|Savannah State suffers worst loss of season, 76-34|
|Written by Admin|
|Sunday, 29 December 2013 12:25|
And it didn't matter how many substitutions coach Horace Broadnax made.
The Tigers used 14 players, but got little production from any of them in a 76-34 loss at No. 13 Florida on Sunday.
It was Savannah State's ninth consecutive loss and its worst of the season.
''Florida has their way,'' Broadnax said. ''Obviously, we have to focus on what we're trying to get accomplished. We're in the MEAC and that's where we're going to have our success and look for our rewards. ... It wasn't too much a lack of effort on our part. We just weren't able to make it interesting.''
Jyles Smith led the Tigers (2-11) with eight points and eight rebounds.
The Tigers, who play in the Mid-Eastern Athletic Conference, shot 24.5 percent from the field, were outrebounded 42-30 and finished with 20 turnovers and six assists. The undersized team gave up 32 points in the paint, 32 points off turnovers and had seven shots blocked.
''We just tried to compete at a high level,'' Broadnax said. ''It gave us an opportunity to compete against a very special team that got us outside our comfort zone. We just have to take this game and try to learn from it.''
The Gators dominated from the opening tip, getting any shot they wanted from anywhere on the court.
Florida used two double-digit runs to make the game a rout, outscoring Savannah State 12-0 early and then 14-0 a few minutes later. The Tigers went 5:47 without a basket before enduring an 8:12 scoreless stretch.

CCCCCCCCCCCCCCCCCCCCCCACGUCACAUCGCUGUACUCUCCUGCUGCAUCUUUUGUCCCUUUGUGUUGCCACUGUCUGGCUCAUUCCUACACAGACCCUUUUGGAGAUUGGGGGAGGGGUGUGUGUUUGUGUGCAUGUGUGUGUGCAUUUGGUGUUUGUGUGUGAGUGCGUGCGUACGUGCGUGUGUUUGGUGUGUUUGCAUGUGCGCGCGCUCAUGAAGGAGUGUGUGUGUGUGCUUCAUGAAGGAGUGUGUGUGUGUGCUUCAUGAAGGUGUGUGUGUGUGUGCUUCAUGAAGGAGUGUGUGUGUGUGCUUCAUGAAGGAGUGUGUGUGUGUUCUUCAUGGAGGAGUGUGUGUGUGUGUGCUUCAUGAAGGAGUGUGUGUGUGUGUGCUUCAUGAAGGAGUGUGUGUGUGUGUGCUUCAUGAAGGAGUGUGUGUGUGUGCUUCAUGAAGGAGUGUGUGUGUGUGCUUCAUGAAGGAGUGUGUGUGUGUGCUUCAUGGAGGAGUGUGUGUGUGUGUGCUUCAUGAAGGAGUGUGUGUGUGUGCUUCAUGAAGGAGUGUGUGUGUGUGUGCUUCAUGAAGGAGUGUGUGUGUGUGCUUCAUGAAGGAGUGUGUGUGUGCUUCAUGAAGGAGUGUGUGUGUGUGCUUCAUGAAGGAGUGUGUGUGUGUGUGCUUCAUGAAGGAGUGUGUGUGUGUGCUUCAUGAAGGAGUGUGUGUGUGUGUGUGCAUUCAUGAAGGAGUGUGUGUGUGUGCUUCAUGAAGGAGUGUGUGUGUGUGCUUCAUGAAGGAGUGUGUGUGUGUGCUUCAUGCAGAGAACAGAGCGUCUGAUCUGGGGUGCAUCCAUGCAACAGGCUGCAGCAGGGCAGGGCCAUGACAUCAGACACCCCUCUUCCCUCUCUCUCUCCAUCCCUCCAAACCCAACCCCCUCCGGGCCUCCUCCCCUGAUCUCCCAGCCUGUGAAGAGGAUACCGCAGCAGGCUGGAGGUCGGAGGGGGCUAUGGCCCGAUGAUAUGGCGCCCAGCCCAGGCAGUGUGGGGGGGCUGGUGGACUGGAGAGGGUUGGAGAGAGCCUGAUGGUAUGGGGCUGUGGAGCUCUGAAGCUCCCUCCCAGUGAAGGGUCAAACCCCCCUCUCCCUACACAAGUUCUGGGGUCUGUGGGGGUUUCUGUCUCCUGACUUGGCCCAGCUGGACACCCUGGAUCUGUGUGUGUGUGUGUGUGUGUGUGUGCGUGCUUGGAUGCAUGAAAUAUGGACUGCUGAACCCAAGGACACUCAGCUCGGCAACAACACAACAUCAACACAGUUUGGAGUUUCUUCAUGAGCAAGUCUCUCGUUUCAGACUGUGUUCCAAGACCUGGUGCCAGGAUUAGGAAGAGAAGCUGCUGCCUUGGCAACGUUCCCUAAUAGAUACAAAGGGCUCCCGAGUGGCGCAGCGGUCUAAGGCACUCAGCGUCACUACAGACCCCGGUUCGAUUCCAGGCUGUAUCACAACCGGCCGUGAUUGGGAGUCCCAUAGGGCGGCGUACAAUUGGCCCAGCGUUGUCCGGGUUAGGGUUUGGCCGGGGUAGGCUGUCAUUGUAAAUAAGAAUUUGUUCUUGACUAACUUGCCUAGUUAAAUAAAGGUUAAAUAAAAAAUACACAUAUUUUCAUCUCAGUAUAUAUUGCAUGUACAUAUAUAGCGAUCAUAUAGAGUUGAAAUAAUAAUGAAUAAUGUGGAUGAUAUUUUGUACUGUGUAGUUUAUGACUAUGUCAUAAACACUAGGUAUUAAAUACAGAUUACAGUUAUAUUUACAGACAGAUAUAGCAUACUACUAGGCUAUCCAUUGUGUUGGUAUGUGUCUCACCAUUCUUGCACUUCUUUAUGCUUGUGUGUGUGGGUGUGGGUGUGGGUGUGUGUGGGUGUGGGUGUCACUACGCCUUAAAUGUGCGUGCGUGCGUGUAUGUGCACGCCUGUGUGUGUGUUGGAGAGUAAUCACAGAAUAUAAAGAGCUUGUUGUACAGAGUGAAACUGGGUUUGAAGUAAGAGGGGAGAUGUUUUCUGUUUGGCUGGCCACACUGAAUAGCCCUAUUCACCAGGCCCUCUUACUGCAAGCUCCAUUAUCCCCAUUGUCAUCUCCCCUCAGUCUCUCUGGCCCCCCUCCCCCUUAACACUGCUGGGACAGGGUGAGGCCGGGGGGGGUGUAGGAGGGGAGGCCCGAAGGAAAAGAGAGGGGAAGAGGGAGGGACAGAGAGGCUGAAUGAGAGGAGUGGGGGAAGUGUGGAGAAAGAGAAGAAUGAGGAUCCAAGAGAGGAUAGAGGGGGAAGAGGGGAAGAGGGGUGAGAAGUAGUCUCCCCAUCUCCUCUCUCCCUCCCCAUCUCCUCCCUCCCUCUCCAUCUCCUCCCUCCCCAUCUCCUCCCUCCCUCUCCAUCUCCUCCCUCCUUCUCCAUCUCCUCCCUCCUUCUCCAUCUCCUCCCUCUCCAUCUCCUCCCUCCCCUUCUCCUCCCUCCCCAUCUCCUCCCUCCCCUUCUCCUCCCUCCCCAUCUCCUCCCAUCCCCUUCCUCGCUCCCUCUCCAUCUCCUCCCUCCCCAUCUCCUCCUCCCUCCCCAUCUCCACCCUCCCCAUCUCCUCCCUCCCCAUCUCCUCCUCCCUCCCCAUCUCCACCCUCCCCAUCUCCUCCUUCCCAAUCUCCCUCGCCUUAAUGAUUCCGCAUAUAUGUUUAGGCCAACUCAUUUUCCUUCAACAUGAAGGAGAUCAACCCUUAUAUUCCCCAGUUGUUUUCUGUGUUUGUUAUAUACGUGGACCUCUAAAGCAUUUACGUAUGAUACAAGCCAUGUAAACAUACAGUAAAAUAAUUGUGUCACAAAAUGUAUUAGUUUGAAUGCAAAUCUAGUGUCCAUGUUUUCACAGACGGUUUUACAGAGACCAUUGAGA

Florida led 34-11 at halftime and coasted from there.
It was a different feeling for the Gators, who had eight days off after a brutal stretch that included games against Florida State, then-No. 12 Connecticut, then-No. 13 Kansas, then-No. 15 Memphis and Fresno State. It marked the first time in coach Billy Donovan's 18 seasons in Gainesville that Florida played consecutive non-conference teams ranked in the top 15.
The only thing worth watching in the second half was senior center Patric Young's countdown to 1,000 career points.
He had eight points in the first half and needed only four more to reach the milestone.
Young got a layup on Florida's second possession after the break and then went nearly 10 minutes without another shot. As he stepped to the free throw line, the crowd knew what was at stake.
So did Young.
He smiled after making the first one, which put him at 999 points, but grimaced as the second free throw came up short.
No worries, though. He crashed the boards for his sixth rebound a short time later and topped 1,000 points with a tip-in. Donovan took him out at the next timeout.
Young finished with 15 points, one of four Florida players in double figures.
''I've just been very fortunate to be on winning teams and to be here overall under coach Donovan,'' Young said. ''I couldn't walk and chew gum when I first got here. So I can do a few more things now. I just want to thank him for believing in me and helping me get better.''